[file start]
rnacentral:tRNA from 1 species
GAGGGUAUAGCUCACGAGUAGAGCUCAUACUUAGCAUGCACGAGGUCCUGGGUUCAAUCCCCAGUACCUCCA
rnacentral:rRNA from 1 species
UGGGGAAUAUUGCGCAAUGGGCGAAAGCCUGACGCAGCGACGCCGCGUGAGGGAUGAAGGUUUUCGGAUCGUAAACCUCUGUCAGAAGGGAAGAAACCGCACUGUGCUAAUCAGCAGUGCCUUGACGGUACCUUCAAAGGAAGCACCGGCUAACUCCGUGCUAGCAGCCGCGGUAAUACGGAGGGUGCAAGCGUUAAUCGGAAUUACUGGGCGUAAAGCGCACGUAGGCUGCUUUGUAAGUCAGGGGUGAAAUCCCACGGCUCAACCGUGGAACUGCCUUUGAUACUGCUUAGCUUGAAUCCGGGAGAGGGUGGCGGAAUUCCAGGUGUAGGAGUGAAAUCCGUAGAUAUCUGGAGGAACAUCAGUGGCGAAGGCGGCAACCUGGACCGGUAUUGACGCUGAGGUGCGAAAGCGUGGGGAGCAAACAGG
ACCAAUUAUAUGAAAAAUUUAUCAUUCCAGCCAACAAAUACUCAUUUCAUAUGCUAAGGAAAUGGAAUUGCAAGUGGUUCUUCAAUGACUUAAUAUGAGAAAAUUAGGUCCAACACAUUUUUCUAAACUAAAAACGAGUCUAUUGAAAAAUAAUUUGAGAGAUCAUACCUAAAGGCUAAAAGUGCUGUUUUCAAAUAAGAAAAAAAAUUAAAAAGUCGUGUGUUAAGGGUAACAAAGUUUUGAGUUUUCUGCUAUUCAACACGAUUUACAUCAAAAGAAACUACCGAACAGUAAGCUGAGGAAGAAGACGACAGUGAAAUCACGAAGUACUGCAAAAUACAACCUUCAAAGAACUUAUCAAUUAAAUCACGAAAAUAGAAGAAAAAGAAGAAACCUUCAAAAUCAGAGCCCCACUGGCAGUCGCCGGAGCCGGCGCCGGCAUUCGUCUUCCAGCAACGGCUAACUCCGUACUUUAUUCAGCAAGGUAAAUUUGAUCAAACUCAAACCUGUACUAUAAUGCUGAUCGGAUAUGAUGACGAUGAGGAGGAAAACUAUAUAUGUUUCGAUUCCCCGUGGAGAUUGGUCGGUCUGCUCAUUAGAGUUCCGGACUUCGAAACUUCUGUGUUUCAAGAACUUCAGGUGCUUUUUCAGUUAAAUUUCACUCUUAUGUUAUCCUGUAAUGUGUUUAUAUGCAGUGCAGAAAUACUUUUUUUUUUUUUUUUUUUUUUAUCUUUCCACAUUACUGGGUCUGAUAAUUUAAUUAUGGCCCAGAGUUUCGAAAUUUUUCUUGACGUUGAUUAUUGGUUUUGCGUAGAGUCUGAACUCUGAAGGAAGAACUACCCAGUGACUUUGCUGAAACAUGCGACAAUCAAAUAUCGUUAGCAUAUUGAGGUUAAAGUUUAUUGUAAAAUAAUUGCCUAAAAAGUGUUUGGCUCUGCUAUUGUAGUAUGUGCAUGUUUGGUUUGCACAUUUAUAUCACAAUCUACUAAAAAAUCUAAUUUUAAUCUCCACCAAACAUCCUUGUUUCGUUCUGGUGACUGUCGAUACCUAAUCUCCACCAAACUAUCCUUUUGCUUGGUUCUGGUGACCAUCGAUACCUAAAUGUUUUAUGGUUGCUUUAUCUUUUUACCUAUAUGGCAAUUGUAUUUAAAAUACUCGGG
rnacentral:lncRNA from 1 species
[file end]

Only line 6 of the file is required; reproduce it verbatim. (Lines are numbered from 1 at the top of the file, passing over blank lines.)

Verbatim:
rnacentral:lncRNA from 1 species